I haven’t been paying close attention to the news today but this caught my eye:
Microsoft’s Zune Hit With Glitch
By Jessica Hodgson, Wall Street Journal, December 31, 2009
Microsoft Corp.’s Zune portable music player is suffering from a glitch that may have frozen thousands of units, in the latest setback for the world’s biggest software company.
On Wednesday, Zune owners flooded blogs and Internet chat sites to complain that they couldn’t listen to music on the 30 gigabyte version of the Zune, an early version of the device, because it wouldn’t start up properly. The postings noted that the digital music players get stuck on the Zune logo screen when the machine’s software is loading.
A message on the Zune support Web site acknowledged the problem and informed customers Microsoft was working to address it, but didn’t identify the cause. Microsoft declined to say how many devices were affected.
“We are aware that customers with Zune 30GB devices are experiencing issues with their Zune device,” a Microsoft spokesman, in a separate statement, said.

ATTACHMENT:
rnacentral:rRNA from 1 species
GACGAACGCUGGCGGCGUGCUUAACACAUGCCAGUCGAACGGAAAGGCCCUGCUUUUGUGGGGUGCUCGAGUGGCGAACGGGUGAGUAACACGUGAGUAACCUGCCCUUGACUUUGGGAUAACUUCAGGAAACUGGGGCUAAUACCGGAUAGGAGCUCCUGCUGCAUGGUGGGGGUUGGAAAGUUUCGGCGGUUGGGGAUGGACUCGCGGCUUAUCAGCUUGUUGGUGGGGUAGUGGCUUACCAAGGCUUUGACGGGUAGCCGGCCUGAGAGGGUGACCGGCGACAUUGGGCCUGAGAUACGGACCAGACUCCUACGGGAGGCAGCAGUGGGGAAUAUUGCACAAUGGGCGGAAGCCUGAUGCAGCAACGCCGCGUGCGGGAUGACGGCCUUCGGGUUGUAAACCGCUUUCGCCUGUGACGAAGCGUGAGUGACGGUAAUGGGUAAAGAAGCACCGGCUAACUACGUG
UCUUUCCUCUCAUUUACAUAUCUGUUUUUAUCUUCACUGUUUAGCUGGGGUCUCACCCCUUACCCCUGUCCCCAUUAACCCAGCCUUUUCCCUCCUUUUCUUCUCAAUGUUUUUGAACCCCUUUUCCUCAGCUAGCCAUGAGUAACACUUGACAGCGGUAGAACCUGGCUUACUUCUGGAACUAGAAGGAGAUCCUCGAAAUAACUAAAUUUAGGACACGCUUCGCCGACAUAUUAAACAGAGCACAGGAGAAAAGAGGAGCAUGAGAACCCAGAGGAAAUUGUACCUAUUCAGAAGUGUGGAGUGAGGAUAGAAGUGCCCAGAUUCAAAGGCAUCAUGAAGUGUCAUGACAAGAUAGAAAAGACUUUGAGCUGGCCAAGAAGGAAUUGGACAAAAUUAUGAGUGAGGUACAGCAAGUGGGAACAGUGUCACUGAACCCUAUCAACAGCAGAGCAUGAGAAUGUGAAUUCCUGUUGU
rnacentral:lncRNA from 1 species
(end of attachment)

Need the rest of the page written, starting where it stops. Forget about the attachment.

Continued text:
“We are actively working now to isolate the issue and develop a plan to address it. We will keep customers informed on next steps via the support page on zune.net.”
The Zune devices appear to have started freezing early Wednesday, according to multiple blog postings. In a video posted on the Internet, one Zune user described how his device, after having been fully charged, froze and wouldn’t move past the Zune user screen. Read the rest…
Jennifer LeClaire has more at Newsfactor.com:
While the rumor mill is focused on Apple developing a larger-screen iPod touch, the blogosphere is churning with angry reports about frozen 30GB Microsoft Zunes.
Discussions board like ZuneUser.com, ZuneScene.com and Zune.net offer first-hand accounts of the problems with Microsoft’s music player. It seems the Zunes reboot, then freeze once the status bar reaches 100 percent.
Some are calling it the “Z2K” problem, playing off the infamous Y2K bug that many thought would throw the computing industry in chaos at the beginning of the century when dates changed from 1999 to 2000. That’s because the problem seems to have started at exactly midnight PST Wednesday — the first moments of the last day of 2008.
Makes me glad I bought an iPod.